Photo by Marta Syrko.

Per Wikipedia, the avant-garde is derived from French, “advance guard” or “vanguard”, or literally “fore-guard” are people or works that are experimental or innovative, particularly with respect to fashion, art, lifestyle or culture. The avant-garde pushes the boundaries of what is accepted as the norm or the status quo.  Many fashion designers have aligned themselves with the avant-garde movement to create a buzz around their name, brand, or designs.  When clothing is designed in an unusual manner (possibly outlandish manner), it typically garners more attention from celebrities and the press.  The media and bloggers enjoy writing about clothes, shoes, or accessories that don’t fit the norm.  Frankly, avant-garde fashion provides interesting photographs and news.  Purposely creating unusual clothing helps develop brand awareness, which often trickles down from the media to consumers. A few fashion designers and brands that can be considered to be avant-guard include Yohji Yamamoto, Thierry Mugler, Gareth Pugh, Paco Rabanne, Comme des Garçons, Viktor & Rolf, Namilia, Marques’Almeida, Jacquemus, Vivienne Westwood, and Thomas Tait.

Avant-garde is a style defined through strong personality.  The style can be sophisticated, intriguing, and striking.  Fashion designed in this manner can also be considered to be mysterious as well as intimidating for typical consumers.  Avant-garde fashion is typically very modern but can take on aspects of vintage as well.  Because this style of clothing is often produced with unusual shapes and sometimes unusual fabrications, it often takes on the appearance of being more of a costume than clothes to be worn in every day life. Avant-garde clothes reshape the human body and suggest new ways of relating it to its environment, through constant deconstruction and reinterpretation. If you’re interested in finding out more about the concept, have a look at our modern definition of avant-garde history and influences.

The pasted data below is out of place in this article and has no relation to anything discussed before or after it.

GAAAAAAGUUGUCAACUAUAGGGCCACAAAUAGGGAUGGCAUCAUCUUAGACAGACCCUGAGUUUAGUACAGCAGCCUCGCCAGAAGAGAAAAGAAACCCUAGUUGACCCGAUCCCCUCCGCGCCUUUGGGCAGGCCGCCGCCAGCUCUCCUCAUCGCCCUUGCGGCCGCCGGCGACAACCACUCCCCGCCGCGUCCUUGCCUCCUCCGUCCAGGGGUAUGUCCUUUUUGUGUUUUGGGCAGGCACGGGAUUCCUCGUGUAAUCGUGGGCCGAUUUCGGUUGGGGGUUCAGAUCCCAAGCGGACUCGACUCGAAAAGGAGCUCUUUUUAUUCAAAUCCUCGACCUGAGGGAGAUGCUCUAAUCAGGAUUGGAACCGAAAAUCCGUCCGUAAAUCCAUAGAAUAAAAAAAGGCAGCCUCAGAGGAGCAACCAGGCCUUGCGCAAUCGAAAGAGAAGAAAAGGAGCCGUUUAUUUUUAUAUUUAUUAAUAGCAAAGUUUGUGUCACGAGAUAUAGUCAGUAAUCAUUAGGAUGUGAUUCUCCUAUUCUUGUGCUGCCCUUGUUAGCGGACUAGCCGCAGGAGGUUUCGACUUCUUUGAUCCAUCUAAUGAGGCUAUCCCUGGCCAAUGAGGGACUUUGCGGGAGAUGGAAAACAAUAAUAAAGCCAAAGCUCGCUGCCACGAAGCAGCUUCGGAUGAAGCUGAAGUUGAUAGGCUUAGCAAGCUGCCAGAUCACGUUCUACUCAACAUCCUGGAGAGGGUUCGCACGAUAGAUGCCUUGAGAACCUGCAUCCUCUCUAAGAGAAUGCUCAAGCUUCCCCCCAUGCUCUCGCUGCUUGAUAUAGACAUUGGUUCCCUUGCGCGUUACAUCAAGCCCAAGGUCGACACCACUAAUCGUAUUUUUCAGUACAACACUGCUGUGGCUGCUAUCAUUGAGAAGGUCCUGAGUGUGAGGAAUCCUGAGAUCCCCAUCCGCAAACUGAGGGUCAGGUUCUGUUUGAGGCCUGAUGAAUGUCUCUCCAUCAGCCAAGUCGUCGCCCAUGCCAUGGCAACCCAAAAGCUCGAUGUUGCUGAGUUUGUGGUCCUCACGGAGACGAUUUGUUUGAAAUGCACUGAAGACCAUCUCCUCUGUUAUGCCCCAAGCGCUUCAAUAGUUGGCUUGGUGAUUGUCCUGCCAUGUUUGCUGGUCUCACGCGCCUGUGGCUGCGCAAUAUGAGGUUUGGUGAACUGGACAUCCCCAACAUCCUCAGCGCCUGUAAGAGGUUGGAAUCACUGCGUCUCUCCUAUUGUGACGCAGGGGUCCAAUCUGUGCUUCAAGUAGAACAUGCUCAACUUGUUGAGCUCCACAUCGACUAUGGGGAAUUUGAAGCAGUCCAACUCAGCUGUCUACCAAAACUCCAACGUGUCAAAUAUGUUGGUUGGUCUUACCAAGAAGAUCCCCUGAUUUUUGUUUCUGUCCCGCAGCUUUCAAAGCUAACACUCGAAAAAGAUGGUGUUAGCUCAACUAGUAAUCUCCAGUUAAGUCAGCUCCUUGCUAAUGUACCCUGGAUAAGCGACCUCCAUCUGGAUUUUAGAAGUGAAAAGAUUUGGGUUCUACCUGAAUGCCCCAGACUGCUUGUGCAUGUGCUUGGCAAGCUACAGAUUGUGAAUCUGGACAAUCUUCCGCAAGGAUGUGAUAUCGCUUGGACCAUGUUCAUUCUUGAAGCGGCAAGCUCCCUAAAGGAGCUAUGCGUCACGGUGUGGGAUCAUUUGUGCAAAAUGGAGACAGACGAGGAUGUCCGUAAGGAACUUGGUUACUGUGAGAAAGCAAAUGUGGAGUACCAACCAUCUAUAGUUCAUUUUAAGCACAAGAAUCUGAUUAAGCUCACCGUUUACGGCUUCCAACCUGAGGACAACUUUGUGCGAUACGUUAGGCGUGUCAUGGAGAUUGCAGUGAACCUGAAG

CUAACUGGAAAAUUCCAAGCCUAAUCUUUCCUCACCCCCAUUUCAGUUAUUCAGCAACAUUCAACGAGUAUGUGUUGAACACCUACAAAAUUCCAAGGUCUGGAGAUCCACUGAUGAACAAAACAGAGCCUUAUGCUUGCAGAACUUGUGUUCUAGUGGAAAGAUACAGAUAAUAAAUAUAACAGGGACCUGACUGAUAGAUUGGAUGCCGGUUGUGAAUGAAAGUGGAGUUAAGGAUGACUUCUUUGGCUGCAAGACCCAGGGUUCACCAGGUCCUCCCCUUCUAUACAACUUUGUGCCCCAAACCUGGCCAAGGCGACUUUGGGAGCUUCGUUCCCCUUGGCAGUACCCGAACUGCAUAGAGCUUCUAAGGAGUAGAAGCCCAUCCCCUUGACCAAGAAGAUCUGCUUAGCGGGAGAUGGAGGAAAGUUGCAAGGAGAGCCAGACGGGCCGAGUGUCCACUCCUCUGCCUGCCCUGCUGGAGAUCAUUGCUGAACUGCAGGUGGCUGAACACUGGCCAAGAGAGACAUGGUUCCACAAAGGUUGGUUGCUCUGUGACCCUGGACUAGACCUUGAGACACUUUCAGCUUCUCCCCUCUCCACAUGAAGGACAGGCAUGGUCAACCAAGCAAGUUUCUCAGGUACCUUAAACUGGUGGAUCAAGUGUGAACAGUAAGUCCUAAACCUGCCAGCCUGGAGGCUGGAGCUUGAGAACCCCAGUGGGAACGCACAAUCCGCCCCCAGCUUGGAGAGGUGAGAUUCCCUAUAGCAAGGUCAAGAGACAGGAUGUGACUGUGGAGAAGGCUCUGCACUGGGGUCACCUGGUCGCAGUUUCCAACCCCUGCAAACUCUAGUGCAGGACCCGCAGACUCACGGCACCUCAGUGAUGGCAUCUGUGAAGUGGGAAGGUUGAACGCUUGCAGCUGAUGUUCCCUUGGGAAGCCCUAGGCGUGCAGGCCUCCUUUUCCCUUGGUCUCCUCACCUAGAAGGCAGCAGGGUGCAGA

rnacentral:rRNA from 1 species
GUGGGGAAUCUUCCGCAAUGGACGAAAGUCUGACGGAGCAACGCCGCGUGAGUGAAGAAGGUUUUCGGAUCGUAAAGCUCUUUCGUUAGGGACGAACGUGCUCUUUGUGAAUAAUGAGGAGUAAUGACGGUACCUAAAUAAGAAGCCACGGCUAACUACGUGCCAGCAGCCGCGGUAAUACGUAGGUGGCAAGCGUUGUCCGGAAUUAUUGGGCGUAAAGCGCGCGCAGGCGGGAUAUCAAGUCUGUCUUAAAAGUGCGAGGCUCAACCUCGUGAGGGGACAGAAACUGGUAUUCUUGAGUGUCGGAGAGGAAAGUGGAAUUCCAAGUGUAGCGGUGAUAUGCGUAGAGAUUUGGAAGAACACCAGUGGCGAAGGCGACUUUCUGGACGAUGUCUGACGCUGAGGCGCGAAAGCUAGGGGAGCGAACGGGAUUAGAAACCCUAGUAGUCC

One thing to remember is that, while avant-garde is definitely a norm-defying aesthetic, it is not to be confused with haute couture, which can break the rules as well as the limits of wearability. The difference between avant-garde and haute couture is evident from the name, as haute couture literally means high-end tailoring or dressmaking and is synonymous with expensive, often very intricate designs, produced by big fashion houses. Haute couture does not necessarily seek to go against the grain, but rather to create highly conceptualized or elaborate pieces – the exact opposite of pret-a-porter (ready-to-wear). Of course, designers also create haute couture pieces that take inspiration from the avant-garde, but these are also destined for runway shows or artistic performances. Ready-to-wear avant-garde is generally meant to be versatile and accessible, and it features bold, often masculine cuts, monochromatic palettes and a remarkable amount of layering.

Story by Andrea Guitierrez for Tartarus Volume 14: Apoptosis.